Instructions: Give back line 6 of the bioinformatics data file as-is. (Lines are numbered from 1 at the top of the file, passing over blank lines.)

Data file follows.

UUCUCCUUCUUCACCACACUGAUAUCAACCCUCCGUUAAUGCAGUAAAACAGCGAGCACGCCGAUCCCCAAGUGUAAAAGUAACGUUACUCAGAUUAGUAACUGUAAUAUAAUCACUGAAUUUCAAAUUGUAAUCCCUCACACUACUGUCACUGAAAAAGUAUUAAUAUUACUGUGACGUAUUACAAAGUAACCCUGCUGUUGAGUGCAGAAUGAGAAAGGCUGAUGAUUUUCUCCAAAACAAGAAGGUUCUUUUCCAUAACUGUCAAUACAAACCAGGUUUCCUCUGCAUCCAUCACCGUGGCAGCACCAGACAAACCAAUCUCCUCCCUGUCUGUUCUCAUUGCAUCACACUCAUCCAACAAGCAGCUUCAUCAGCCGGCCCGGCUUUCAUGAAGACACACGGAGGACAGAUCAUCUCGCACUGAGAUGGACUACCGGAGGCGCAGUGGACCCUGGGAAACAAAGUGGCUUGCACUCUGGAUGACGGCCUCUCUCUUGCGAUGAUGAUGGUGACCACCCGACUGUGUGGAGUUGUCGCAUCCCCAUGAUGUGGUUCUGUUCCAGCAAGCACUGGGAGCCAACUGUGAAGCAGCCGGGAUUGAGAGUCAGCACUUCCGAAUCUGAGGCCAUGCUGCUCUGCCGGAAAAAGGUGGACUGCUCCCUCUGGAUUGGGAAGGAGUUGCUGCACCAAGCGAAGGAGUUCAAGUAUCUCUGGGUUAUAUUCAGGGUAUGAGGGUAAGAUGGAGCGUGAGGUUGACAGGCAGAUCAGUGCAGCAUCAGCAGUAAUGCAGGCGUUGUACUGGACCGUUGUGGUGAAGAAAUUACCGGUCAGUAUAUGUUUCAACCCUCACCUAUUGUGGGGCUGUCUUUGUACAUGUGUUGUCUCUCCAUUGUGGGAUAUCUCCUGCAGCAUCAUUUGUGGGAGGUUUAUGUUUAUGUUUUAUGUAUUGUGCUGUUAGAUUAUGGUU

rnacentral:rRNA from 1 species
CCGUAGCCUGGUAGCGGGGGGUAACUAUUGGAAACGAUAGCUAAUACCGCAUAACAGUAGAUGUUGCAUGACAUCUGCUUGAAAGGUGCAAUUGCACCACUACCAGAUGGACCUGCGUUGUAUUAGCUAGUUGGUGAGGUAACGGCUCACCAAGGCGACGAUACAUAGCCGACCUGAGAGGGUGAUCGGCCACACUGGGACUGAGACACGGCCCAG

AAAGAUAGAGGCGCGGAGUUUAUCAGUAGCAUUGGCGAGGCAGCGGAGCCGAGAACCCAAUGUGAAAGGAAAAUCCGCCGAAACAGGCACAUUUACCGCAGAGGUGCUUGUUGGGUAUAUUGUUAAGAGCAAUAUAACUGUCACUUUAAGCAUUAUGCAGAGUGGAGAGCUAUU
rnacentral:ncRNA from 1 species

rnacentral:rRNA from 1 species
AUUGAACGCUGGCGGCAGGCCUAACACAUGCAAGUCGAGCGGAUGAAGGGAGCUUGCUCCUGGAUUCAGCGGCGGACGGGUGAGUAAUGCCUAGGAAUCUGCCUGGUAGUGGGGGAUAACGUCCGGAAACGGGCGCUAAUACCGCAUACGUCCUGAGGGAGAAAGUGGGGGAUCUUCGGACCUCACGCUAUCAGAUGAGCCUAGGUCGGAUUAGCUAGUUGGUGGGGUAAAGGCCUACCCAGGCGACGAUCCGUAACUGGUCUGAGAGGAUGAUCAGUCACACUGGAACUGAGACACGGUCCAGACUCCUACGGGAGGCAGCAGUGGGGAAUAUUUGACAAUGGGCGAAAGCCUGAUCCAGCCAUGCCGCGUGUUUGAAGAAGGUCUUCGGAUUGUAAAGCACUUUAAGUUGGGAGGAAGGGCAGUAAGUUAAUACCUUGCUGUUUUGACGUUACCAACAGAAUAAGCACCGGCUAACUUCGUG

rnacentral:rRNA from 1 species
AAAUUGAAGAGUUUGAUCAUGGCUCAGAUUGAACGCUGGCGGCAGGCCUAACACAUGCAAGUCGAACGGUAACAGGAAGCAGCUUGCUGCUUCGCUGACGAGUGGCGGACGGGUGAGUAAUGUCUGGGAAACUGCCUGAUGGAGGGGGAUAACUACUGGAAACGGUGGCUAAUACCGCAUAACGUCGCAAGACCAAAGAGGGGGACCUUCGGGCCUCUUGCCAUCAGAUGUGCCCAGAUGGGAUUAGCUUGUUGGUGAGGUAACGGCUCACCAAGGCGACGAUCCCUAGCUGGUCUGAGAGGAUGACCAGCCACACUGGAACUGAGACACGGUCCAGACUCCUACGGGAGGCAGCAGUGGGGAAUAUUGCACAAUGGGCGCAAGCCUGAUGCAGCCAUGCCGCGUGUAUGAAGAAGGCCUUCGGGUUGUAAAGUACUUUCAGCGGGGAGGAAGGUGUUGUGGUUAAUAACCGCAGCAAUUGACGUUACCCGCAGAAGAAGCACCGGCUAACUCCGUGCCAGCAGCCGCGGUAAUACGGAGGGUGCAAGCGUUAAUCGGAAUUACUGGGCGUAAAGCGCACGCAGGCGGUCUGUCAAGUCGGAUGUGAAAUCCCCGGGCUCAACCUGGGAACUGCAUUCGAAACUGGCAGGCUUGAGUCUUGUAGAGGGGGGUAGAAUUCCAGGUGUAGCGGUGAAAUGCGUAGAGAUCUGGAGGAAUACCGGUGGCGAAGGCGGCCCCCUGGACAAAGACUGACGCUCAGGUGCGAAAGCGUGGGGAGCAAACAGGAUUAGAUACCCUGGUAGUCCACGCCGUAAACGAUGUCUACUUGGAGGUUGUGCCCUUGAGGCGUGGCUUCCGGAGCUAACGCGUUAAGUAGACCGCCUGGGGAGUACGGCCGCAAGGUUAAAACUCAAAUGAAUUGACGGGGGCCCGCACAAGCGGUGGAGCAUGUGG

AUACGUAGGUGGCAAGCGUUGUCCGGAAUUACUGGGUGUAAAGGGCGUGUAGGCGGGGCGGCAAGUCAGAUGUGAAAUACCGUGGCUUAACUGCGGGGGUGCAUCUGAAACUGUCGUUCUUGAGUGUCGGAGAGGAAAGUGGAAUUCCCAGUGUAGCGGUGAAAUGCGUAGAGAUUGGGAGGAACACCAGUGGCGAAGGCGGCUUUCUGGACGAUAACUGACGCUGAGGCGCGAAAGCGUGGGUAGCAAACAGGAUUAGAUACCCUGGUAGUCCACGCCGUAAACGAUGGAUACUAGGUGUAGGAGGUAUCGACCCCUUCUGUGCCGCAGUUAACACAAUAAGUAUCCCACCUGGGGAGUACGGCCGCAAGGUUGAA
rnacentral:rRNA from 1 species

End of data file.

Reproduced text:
rnacentral:rRNA from 1 species